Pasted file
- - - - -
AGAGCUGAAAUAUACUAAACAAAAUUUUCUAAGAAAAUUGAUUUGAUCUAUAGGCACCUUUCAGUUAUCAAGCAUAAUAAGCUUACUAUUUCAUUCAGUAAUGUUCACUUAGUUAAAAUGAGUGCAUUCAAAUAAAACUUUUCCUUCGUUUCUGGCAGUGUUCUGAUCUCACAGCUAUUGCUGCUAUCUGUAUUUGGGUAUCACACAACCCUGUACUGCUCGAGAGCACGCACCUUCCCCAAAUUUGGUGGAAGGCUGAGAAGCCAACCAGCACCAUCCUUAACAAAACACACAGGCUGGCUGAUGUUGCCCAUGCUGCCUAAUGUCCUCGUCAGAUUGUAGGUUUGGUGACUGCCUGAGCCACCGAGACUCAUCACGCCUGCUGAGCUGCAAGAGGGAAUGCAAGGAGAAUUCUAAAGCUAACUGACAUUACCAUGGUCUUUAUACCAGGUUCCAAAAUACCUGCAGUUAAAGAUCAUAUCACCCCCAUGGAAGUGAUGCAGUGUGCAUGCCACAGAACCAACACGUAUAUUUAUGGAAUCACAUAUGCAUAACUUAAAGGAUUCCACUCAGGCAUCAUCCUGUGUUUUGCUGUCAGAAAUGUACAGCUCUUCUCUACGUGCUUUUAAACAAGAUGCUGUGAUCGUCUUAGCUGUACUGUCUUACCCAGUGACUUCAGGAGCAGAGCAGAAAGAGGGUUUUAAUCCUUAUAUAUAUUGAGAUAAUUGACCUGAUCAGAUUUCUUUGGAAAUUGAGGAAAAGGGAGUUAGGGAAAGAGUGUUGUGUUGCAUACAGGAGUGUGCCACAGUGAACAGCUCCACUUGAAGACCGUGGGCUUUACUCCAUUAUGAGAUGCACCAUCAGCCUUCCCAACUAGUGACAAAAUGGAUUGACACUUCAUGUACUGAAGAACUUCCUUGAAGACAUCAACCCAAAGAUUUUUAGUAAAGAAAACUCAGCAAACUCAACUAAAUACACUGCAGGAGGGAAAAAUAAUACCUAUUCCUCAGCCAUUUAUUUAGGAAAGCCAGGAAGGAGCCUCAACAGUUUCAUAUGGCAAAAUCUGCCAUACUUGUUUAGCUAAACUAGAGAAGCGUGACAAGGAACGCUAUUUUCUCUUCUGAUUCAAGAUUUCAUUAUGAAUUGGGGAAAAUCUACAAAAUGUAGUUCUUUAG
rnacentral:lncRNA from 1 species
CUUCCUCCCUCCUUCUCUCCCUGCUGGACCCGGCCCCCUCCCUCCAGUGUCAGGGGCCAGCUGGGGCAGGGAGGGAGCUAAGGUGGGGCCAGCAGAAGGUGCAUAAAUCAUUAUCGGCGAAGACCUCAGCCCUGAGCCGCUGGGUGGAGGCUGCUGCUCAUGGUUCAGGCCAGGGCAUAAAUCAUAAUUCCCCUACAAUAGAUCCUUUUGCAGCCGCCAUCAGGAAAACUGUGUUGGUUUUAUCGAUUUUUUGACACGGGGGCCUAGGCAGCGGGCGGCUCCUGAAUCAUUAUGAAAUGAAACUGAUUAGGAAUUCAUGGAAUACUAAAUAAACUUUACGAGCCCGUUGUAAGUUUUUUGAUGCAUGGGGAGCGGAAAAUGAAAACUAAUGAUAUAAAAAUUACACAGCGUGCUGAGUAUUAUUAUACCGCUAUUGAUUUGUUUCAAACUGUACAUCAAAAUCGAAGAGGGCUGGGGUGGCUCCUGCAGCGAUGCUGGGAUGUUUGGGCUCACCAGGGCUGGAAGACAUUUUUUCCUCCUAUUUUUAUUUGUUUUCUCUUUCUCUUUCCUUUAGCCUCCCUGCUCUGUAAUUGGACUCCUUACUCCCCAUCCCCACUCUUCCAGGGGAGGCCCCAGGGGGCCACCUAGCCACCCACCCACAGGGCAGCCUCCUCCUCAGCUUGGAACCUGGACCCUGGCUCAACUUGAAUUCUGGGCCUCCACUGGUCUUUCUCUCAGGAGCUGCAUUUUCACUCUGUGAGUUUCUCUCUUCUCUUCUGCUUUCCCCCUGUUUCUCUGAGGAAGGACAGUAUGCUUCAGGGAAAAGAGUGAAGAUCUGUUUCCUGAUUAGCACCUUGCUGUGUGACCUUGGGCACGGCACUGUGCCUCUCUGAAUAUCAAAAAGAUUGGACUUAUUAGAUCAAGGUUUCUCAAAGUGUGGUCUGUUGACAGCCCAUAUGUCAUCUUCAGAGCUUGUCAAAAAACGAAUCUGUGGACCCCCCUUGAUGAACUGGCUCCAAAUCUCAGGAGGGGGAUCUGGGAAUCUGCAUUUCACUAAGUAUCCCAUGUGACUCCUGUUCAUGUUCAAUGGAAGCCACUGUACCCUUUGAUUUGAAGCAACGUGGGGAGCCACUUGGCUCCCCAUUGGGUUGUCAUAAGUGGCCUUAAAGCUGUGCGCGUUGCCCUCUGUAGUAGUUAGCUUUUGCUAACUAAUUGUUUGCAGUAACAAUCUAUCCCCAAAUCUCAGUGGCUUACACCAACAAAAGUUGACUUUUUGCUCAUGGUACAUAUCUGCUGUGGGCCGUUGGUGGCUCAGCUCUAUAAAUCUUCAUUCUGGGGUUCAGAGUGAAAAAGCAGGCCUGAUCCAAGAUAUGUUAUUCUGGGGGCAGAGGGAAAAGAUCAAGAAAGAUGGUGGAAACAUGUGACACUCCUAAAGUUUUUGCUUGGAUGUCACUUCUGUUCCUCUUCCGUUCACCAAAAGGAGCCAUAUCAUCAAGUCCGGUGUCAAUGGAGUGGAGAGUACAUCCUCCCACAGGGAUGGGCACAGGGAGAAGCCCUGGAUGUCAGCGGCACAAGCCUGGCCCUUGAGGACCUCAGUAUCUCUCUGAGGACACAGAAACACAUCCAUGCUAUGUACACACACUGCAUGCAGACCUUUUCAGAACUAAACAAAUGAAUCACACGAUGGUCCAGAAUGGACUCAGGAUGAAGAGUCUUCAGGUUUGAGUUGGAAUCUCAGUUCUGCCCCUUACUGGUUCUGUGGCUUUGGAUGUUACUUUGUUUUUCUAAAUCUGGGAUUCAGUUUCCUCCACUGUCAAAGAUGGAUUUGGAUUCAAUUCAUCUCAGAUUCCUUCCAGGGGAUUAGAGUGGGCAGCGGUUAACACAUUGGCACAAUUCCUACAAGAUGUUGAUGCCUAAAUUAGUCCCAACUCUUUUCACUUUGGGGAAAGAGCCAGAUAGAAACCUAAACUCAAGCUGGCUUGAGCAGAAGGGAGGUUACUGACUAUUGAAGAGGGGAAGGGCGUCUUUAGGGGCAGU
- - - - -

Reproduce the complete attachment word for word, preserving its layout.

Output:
AGAGCUGAAAUAUACUAAACAAAAUUUUCUAAGAAAAUUGAUUUGAUCUAUAGGCACCUUUCAGUUAUCAAGCAUAAUAAGCUUACUAUUUCAUUCAGUAAUGUUCACUUAGUUAAAAUGAGUGCAUUCAAAUAAAACUUUUCCUUCGUUUCUGGCAGUGUUCUGAUCUCACAGCUAUUGCUGCUAUCUGUAUUUGGGUAUCACACAACCCUGUACUGCUCGAGAGCACGCACCUUCCCCAAAUUUGGUGGAAGGCUGAGAAGCCAACCAGCACCAUCCUUAACAAAACACACAGGCUGGCUGAUGUUGCCCAUGCUGCCUAAUGUCCUCGUCAGAUUGUAGGUUUGGUGACUGCCUGAGCCACCGAGACUCAUCACGCCUGCUGAGCUGCAAGAGGGAAUGCAAGGAGAAUUCUAAAGCUAACUGACAUUACCAUGGUCUUUAUACCAGGUUCCAAAAUACCUGCAGUUAAAGAUCAUAUCACCCCCAUGGAAGUGAUGCAGUGUGCAUGCCACAGAACCAACACGUAUAUUUAUGGAAUCACAUAUGCAUAACUUAAAGGAUUCCACUCAGGCAUCAUCCUGUGUUUUGCUGUCAGAAAUGUACAGCUCUUCUCUACGUGCUUUUAAACAAGAUGCUGUGAUCGUCUUAGCUGUACUGUCUUACCCAGUGACUUCAGGAGCAGAGCAGAAAGAGGGUUUUAAUCCUUAUAUAUAUUGAGAUAAUUGACCUGAUCAGAUUUCUUUGGAAAUUGAGGAAAAGGGAGUUAGGGAAAGAGUGUUGUGUUGCAUACAGGAGUGUGCCACAGUGAACAGCUCCACUUGAAGACCGUGGGCUUUACUCCAUUAUGAGAUGCACCAUCAGCCUUCCCAACUAGUGACAAAAUGGAUUGACACUUCAUGUACUGAAGAACUUCCUUGAAGACAUCAACCCAAAGAUUUUUAGUAAAGAAAACUCAGCAAACUCAACUAAAUACACUGCAGGAGGGAAAAAUAAUACCUAUUCCUCAGCCAUUUAUUUAGGAAAGCCAGGAAGGAGCCUCAACAGUUUCAUAUGGCAAAAUCUGCCAUACUUGUUUAGCUAAACUAGAGAAGCGUGACAAGGAACGCUAUUUUCUCUUCUGAUUCAAGAUUUCAUUAUGAAUUGGGGAAAAUCUACAAAAUGUAGUUCUUUAG
rnacentral:lncRNA from 1 species
CUUCCUCCCUCCUUCUCUCCCUGCUGGACCCGGCCCCCUCCCUCCAGUGUCAGGGGCCAGCUGGGGCAGGGAGGGAGCUAAGGUGGGGCCAGCAGAAGGUGCAUAAAUCAUUAUCGGCGAAGACCUCAGCCCUGAGCCGCUGGGUGGAGGCUGCUGCUCAUGGUUCAGGCCAGGGCAUAAAUCAUAAUUCCCCUACAAUAGAUCCUUUUGCAGCCGCCAUCAGGAAAACUGUGUUGGUUUUAUCGAUUUUUUGACACGGGGGCCUAGGCAGCGGGCGGCUCCUGAAUCAUUAUGAAAUGAAACUGAUUAGGAAUUCAUGGAAUACUAAAUAAACUUUACGAGCCCGUUGUAAGUUUUUUGAUGCAUGGGGAGCGGAAAAUGAAAACUAAUGAUAUAAAAAUUACACAGCGUGCUGAGUAUUAUUAUACCGCUAUUGAUUUGUUUCAAACUGUACAUCAAAAUCGAAGAGGGCUGGGGUGGCUCCUGCAGCGAUGCUGGGAUGUUUGGGCUCACCAGGGCUGGAAGACAUUUUUUCCUCCUAUUUUUAUUUGUUUUCUCUUUCUCUUUCCUUUAGCCUCCCUGCUCUGUAAUUGGACUCCUUACUCCCCAUCCCCACUCUUCCAGGGGAGGCCCCAGGGGGCCACCUAGCCACCCACCCACAGGGCAGCCUCCUCCUCAGCUUGGAACCUGGACCCUGGCUCAACUUGAAUUCUGGGCCUCCACUGGUCUUUCUCUCAGGAGCUGCAUUUUCACUCUGUGAGUUUCUCUCUUCUCUUCUGCUUUCCCCCUGUUUCUCUGAGGAAGGACAGUAUGCUUCAGGGAAAAGAGUGAAGAUCUGUUUCCUGAUUAGCACCUUGCUGUGUGACCUUGGGCACGGCACUGUGCCUCUCUGAAUAUCAAAAAGAUUGGACUUAUUAGAUCAAGGUUUCUCAAAGUGUGGUCUGUUGACAGCCCAUAUGUCAUCUUCAGAGCUUGUCAAAAAACGAAUCUGUGGACCCCCCUUGAUGAACUGGCUCCAAAUCUCAGGAGGGGGAUCUGGGAAUCUGCAUUUCACUAAGUAUCCCAUGUGACUCCUGUUCAUGUUCAAUGGAAGCCACUGUACCCUUUGAUUUGAAGCAACGUGGGGAGCCACUUGGCUCCCCAUUGGGUUGUCAUAAGUGGCCUUAAAGCUGUGCGCGUUGCCCUCUGUAGUAGUUAGCUUUUGCUAACUAAUUGUUUGCAGUAACAAUCUAUCCCCAAAUCUCAGUGGCUUACACCAACAAAAGUUGACUUUUUGCUCAUGGUACAUAUCUGCUGUGGGCCGUUGGUGGCUCAGCUCUAUAAAUCUUCAUUCUGGGGUUCAGAGUGAAAAAGCAGGCCUGAUCCAAGAUAUGUUAUUCUGGGGGCAGAGGGAAAAGAUCAAGAAAGAUGGUGGAAACAUGUGACACUCCUAAAGUUUUUGCUUGGAUGUCACUUCUGUUCCUCUUCCGUUCACCAAAAGGAGCCAUAUCAUCAAGUCCGGUGUCAAUGGAGUGGAGAGUACAUCCUCCCACAGGGAUGGGCACAGGGAGAAGCCCUGGAUGUCAGCGGCACAAGCCUGGCCCUUGAGGACCUCAGUAUCUCUCUGAGGACACAGAAACACAUCCAUGCUAUGUACACACACUGCAUGCAGACCUUUUCAGAACUAAACAAAUGAAUCACACGAUGGUCCAGAAUGGACUCAGGAUGAAGAGUCUUCAGGUUUGAGUUGGAAUCUCAGUUCUGCCCCUUACUGGUUCUGUGGCUUUGGAUGUUACUUUGUUUUUCUAAAUCUGGGAUUCAGUUUCCUCCACUGUCAAAGAUGGAUUUGGAUUCAAUUCAUCUCAGAUUCCUUCCAGGGGAUUAGAGUGGGCAGCGGUUAACACAUUGGCACAAUUCCUACAAGAUGUUGAUGCCUAAAUUAGUCCCAACUCUUUUCACUUUGGGGAAAGAGCCAGAUAGAAACCUAAACUCAAGCUGGCUUGAGCAGAAGGGAGGUUACUGACUAUUGAAGAGGGGAAGGGCGUCUUUAGGGGCAGU